“Asylum of the Daleks” Immediate Reaction Post

Spoilers spoilers and more spoilers for the first episode of the seventh series of Doctor Who, a little guy we call Asylum of the Daleks. The post will still be here after you watch the episode, don’t worry! But if spoiler-free previews are more your cup of tea, check out our spoiler-free review from the screening in New York City last week at this link.

For the rest of you who’ve seen the episode… let us begin.

Perhaps it’s bad to begin on a negative note but Asylum of the Daleks starts with a rubbish voiceover and a giant papier maché Dalek, so after all of the build up in Pond Life I felt a little meh about everything. There’s a giant hooded figure in ridiculous heels doing the talking and trying to make everything seem mythical, coupled with echoey effect that sounds a bit like when you talk into a poster tube. A silhouetted Doctor appears on the side of the strange Skaro cave thing and then cut to…

Amy, who is a model and pouting away effortlessly in line with every model stereotype. Rory turns up and, just as we suspected after Pond Life, are getting a divorce, seemingly out of nowhere. But then, all of a sudden, the make-up lady grows an eyestalk out of her forehead. At this point I couldn’t decide whether the eyestalk was more creepy or silly but either way it reminded me a lot of The Long Game, way back in the first series of New Who and that thing you could get that downloaded information right into your brain.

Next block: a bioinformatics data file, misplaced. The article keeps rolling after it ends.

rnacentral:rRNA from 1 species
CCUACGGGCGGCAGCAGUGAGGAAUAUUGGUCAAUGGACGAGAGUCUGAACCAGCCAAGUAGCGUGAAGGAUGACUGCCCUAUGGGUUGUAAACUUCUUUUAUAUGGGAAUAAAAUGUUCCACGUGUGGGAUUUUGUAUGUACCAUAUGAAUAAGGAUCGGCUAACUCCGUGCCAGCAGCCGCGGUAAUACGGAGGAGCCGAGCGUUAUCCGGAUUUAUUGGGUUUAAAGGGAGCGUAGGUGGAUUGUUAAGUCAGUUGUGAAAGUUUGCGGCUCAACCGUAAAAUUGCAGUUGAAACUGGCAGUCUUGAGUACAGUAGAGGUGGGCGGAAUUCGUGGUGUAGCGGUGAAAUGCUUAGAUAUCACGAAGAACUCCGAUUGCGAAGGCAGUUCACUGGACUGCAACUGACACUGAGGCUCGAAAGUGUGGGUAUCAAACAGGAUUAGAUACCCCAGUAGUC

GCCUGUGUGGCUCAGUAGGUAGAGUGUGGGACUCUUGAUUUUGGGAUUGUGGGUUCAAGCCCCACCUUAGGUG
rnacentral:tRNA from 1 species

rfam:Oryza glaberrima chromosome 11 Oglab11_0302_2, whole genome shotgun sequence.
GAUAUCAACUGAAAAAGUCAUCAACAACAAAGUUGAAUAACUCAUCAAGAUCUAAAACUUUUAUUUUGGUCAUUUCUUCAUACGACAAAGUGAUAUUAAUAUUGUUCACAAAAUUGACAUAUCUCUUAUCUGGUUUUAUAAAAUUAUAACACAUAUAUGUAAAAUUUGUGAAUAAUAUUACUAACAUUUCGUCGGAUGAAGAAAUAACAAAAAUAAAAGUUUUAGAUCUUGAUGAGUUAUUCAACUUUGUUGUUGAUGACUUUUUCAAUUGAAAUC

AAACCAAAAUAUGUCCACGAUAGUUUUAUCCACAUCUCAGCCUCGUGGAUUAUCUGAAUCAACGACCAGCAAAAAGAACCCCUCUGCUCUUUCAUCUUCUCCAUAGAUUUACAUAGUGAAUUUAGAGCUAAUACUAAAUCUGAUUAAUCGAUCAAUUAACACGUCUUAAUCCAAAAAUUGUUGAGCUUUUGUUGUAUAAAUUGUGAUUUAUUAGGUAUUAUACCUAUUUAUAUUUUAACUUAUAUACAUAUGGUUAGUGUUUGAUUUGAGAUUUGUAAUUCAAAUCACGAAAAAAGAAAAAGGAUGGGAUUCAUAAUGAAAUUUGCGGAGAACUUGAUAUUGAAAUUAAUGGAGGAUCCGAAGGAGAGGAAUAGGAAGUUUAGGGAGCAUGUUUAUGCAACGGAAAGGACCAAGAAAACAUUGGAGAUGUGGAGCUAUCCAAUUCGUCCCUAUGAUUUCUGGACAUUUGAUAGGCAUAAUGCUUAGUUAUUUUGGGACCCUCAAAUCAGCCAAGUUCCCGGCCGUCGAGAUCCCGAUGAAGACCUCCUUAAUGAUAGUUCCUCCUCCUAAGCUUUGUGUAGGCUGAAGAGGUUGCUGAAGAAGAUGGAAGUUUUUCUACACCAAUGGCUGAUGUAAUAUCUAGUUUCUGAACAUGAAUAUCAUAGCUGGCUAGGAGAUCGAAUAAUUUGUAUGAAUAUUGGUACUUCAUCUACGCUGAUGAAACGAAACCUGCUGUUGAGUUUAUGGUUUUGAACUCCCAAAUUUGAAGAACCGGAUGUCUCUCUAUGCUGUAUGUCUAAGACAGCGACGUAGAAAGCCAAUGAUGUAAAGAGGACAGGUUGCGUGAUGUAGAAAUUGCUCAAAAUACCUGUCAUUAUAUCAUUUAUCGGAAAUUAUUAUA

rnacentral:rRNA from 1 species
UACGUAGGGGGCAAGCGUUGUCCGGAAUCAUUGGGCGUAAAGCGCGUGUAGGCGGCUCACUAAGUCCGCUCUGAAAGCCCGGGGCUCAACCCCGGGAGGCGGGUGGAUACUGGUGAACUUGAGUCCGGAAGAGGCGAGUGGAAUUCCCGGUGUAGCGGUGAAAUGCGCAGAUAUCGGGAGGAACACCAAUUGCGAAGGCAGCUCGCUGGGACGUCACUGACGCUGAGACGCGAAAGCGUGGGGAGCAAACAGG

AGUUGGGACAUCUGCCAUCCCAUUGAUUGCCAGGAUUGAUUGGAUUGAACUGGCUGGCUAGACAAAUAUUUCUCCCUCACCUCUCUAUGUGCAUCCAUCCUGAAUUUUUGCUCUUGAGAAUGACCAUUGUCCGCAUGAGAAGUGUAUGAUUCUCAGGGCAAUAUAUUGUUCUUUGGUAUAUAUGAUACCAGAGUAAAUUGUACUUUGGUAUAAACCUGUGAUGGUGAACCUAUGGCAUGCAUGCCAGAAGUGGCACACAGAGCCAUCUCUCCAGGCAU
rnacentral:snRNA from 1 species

As setup as it was, I did rather enjoy it when Amy, Rory and The Doctor are measuring the gravity of the situation on a scale of one to ten and fittingly, The Doctor marks it up to ”Eleven.” Nothing like a nod to fanspeak! So in truly British fashion, the Daleks have a Parliament and it’s here that we see them call “Save the Daleks,” just as in the teaser. I was glad that came early on and didn’t spoil a significant part of the episode, but I was not so glad when I saw all the wobbling and weird colors in the new opening titles, although the font is cool.

Having remained spoiler-free, I did not expect to see Jenna-Louise Coleman this early on and I appreciated that she seemed to be recording some sort of voice blog. Maybe she could start vlogging? Other Oswin favorites include the hammock and how she blasts music to drown something uncomfortable, quite familiar to teenagers everywhere.

Smith has all of the intense lines in this episodes and he really delivers when he tells the Prime Minister Dalek, ”I thought you’d run out of ways to make me sick.” Naturally it falls to Rory to break the tension when he asks about the color, adding ”sorry, there weren’t any good questions left.” Oh Rory, I have missed you.

My immediate reaction to Jenna as Oswin is LIKE LIKE LIKE. She’s straightforward and positive – ”Provisions good but…keen to move on” — but I’m a little scared for how she fares in the rest of the series as some companions are excellent in standalone episodes but lack the narrative support and development that enables them to become really great characters.